With the Winter Olympics officially underway in Beijing and athletes primed for their events, fans are fired up to see how the medal count plays out.
Ninety-one countries will be represented by a total of 2,871 athletes competing in seven sports. With 225 athletes, Team USA’s lineup includes repeat performers and social media stars like snowboarder Shaun White and Chloe Kim, figure skater Nathan Chen and downhill skier Mikaela Shiffrin.
Of course, branding opportunities abound for all since the primetime viewership of the Winter Games is pegged to more than 26 million people despite the 13-hour time difference between Beijing and EST.
What makes people identify with athletes they never met because of the flag on their uniforms? According to Yoav Dubinsky, a sports business professor at the University of Oregon, “The ratings of the Olympics and the domestic support of Team USA show that despite the political and social divisions in our country, one’s identity as an American is still very strong. There is also a social component to watching sports together with family and friends and cheering for the same team or athlete as a collective activity. In the Olympics, the common denominator is often nationality.”
In the spirit of possibility, here are 10 American athletes to keep an eye on as their quests for gold unfold until the Olympic flame is extinguished on Feb. 20.
Alex Ferreira, freestyle skiing
Halfpipe skier Alex Ferreira struck silver at the 2018 Winter Olympics and finished first in the men’s ski superpipe event at Winter X Games in 2019 and 2020. Born and bred in Aspen, Colo., the Ferreira is an Aspen Skiing Company brand ambassador; helmet and armor brand POC Sports has been his sponsor since he was 17.
In what looks like a why-wait-to-win approach to forging marketing alliances, Ferreira’s personal site also features Columbia Sportswear, Level Gloves, Voll Skis, the W Aspen Hotel, Rockstar Energy Drink and USANA Health Sciences.
Ferreira’s off-piste pursuits include his “Hotdog Hans” films based on a character developed with his friend Matt Hobbs — one of which has 316,000 views on YouTube.
Hundreds of Aspen-ites turned out for Ferreira’s Olympic send-off, chanting his name.
Madison Hubbell and Zachary Donohue, ice dancers
Ten years after they first skated together, Madison Hubbell’s and Zachary Donohue’s 2022 Olympic bid will in all likelihood be their last. The 2019 Nationals champions recruited some added reinforcement for Beijing — two-time Olympic champion Scott Moir is one of their choreographers. The 2021-22 Grand Prix season started strong with Hubbell and Donohoe winning at Skate America, which marked their fourth consecutive victory at the annual event.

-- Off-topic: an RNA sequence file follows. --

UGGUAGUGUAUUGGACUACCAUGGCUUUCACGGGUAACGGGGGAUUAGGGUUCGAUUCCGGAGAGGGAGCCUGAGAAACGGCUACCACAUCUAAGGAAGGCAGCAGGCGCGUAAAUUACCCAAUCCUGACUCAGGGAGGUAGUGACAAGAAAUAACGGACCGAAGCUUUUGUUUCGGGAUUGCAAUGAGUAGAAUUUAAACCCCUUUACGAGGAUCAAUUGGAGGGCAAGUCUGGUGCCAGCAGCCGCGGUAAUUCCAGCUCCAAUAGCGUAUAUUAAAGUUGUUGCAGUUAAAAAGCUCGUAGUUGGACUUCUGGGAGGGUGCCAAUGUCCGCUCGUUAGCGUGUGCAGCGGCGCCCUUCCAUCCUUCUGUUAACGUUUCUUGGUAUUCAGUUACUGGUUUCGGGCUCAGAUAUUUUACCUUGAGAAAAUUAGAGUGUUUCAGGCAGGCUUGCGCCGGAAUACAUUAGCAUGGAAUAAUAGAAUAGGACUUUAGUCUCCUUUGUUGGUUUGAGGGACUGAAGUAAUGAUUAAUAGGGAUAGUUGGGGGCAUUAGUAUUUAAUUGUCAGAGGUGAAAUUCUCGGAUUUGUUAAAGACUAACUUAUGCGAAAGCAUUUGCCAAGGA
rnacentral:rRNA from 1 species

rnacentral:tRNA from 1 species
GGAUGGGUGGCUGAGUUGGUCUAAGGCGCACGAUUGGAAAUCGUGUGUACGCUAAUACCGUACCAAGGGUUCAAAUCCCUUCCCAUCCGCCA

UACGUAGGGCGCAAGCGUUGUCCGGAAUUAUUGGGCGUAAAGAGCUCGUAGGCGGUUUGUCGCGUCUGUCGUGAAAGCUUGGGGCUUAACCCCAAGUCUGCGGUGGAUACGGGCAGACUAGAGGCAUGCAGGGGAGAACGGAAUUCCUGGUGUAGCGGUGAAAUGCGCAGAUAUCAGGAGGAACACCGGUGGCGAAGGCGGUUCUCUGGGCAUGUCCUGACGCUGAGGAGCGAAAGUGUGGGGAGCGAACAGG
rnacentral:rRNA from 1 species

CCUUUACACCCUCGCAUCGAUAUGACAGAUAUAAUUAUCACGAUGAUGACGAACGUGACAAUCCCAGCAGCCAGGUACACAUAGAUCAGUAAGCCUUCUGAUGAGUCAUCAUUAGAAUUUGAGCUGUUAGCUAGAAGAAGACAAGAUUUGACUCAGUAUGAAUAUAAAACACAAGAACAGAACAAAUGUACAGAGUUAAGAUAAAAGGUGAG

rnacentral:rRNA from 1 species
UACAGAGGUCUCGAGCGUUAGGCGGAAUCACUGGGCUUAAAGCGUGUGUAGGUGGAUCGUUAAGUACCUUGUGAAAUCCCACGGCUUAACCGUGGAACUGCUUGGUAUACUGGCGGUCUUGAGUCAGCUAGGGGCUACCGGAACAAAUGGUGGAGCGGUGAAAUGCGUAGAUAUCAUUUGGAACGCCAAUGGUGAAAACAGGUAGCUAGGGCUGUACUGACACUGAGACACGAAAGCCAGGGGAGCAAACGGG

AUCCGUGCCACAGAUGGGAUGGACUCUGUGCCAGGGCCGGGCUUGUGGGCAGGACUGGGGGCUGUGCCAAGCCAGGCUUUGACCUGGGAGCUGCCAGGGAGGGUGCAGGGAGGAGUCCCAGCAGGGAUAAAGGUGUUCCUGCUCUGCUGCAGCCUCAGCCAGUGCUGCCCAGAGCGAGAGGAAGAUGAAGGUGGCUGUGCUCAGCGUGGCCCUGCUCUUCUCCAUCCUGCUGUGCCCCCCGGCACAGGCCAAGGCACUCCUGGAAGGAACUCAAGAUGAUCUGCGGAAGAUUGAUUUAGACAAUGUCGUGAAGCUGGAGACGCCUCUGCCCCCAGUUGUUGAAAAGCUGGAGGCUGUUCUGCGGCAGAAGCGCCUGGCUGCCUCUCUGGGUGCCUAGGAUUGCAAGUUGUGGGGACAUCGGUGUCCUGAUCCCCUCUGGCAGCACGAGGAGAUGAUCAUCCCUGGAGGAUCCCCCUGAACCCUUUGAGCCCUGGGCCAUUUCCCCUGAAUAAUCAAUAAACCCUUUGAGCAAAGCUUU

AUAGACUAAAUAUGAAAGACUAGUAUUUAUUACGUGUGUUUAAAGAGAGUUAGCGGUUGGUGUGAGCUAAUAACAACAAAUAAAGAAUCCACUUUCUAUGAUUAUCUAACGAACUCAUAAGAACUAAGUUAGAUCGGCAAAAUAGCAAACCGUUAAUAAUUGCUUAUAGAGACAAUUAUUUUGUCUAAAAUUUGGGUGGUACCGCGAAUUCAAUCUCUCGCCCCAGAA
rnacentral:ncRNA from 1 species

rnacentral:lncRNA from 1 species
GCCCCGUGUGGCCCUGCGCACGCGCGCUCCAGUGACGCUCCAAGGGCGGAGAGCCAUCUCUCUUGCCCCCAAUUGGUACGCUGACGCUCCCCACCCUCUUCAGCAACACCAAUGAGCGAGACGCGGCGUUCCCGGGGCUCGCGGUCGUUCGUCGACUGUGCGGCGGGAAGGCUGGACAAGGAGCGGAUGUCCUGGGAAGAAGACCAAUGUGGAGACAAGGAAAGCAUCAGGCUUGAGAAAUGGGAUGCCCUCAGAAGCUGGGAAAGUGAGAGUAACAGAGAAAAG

Given the flash required for ice dancing, Hubbell has relied on costumes crafted by her mother and Vesa Design in years past, including a Marilyn Monroe-style halter-neck dress. Donohue, who once sported a Joe DiMaggio-style ensemble, has said they try not to match what people have seen in a movie, soundtrack or Broadway play “too identically.”
Adept at free dance and rhythm dance, they have fused multiple musical themes into their programs, including “Burlesque” performed by Christina Aguilera.
Off the ice, Hubbell favors arts and crafts, knitting, cross-stitching and cooking. The multilingual Donohue already is envisioning a post-Olympic life, with hopes of choreographing skating programs and owning an elite skating school. The 6-foot, 3-inch Hartford, Conn., native enjoys riding motorcycles and singing.
Anna Hoffman, ski jumping
Having started ski jumping at the age of two in Madison, Wisc., Hoffman, who despite winning the U.S. Olympic Trials in Lake Placid on Christmas did not have the necessary amount of points to qualify for the Games, landed a spot on Team USA when another country wasn’t able to fill its quota spot and thus one opened up.
Announcing that change of fate, she shared images of her Olympic portrait with a flashback photo as a child mountainside skis in hand. Hoffman will make her Olympic debut on Saturday.
Earlier this week she posted a photo of her own personal fashion show, kitted out in Polo Ralph Lauren attire. The 21-year-old University of Utah student will be the only American woman vying for a medal in ski jumping. The field recently opened up at the top as the world’s leading ski jumper, Austria’s Marita Kramer, just bowed out after testing positive for COVID-19.
Erin Jackson, speed skating
With a mere four months of training on ice, Erin Jackson qualified for the 2018 U.S. Olympic speed skating team, making her the first Black woman to do so in the long track. En route to Beijing, the 29-year-old has four 500-meter World Cup wins this season, including one that amounted to a new American record at 36.8 seconds. If the tried-and-true coaching adage that momentum is key to victory is true, Jackson appears to be in good shape as a gold medal favorite.
The Floridian has been a roller skater for as long as she can remember, and competed in in-line skating and roller derby before switching tracks to speed skating. Along the way, she graduated cum laude from the University of Florida’s honors program with a Bachelor of Sscience in materials science and engineering. The Salt Lake City racer earned an Associate in Science degree in computer science in 2020 and is working toward an AS in exercise science/kinesiology. Triple Eight, Toyota, 187 Killer Pads, Hyperice and Bont are among her sponsors.
Alysa Liu, figure skating